Imankulov went on to explain that the group had been trafficking in classified information for two years, peddling materials from a wide array of government agencies on topics ranging from the state of the economy to the preparedness of the armed forces. Searches turned up copies of 700 documents, and Imankulov promised an investigation into the provenance of each and every one. The group's motivation was not ideological, but rather financial. According to Imankulov, the suspects made $60,000 in 2003 from the sale of classified materials.
The centerpiece of Imankulov's 8 July press conference was a videotaped confession by Akimaliev, Kyrgyzinfo reported. Before the camera, the former SNB official admitted to providing members of parliament Alisher Abdimomunov and Ismail Isakov with classified materials that the legislators then used in the course of a scandal that erupted earlier this year. On 14 January, Isakov, the former leader of the opposition Movement for the Resignation of President Askar Akaev and Reforms for the People, revealed at a news conference that a listening device had been discovered in his office. The scandal soon widened with the discovery of more listening devices in the offices of other opposition legislators (see "RFE/RL Newsline," 15, 16, and 21 January 2004, and "RFE/RL Central Asia Report," 26 January 2004). A parliamentary commission reported in May 2004 that the SNB was behind the bugging; the commission is slated to release additional findings in September 2004.
Imankulov put a slightly different spin on the events, however, claiming that legislators scuttled a covert operation when they revealed the names of SNB agents in open session. Kyrgyzinfo quoted him as saying, "When they revealed their names, they endangered our guys, who were working at the time in a country with a dangerous situation." Imankulov suggested that legislators were more concerned with sensation than with national security, and he warned that parliamentarians would be held responsible for any ill consequences suffered by SNB agents with blown covers. He noted in closing that several members of parliament are currently under investigation.
Alisher Abdimomunov hit back with a press conference of his own on 8 July, summarized in a statement made public through the Legislative Assembly's (lower house of parliament) press office. Abdimomunov blasted Imankulov's claims, denying any contacts with Akimaliev and describing the ex-SNB man's videotaped confession as a failed attempt by the security service to vindicate itself in the wake of the bugging scandal. Noting that the parliamentary commission has already uncovered evidence of illegal acts committed by the SNB, Abdimomunov called the latest revelations an attempt to put pressure on the commission. He ridiculed the talk of pilfered state secrets, asking what exactly constitutes a secret in a country that closely coordinates political, economic, and military policy with a welter of international organizations. In the end, however, Abdimomunov saw some value in Akimaliev's confession. Akipress.org quoted the outraged legislator as saying: "If a former [SNB] official allegedly passed on these materials, that means they existed. In other words, the SNB violated the constitutional rights of deputies and citizens. For the first time since the beginning of the scandal with listening devices, the SNB has admitted this."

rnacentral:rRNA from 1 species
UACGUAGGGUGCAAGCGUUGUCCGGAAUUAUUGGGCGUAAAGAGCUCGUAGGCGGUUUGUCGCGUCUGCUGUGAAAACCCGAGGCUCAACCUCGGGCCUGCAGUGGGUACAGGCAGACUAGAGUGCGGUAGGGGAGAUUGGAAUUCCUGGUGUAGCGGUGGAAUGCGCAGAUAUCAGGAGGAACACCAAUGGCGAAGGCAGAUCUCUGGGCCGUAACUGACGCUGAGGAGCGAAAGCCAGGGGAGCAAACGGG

What began on 2 July as a spy scandal rife with rumors of Islamist extremist infiltration into the highest levels of government has now become something rather different. The initial furor has dissolved into the grim realization that easily stoked hysteria over religious extremism could become a new fixture of Kyrgyz politics. Meanwhile, a domestic political fracas looms on the horizon, as familiar foes from the SNB and the Legislative Assembly steel themselves for another round of charges and countercharges.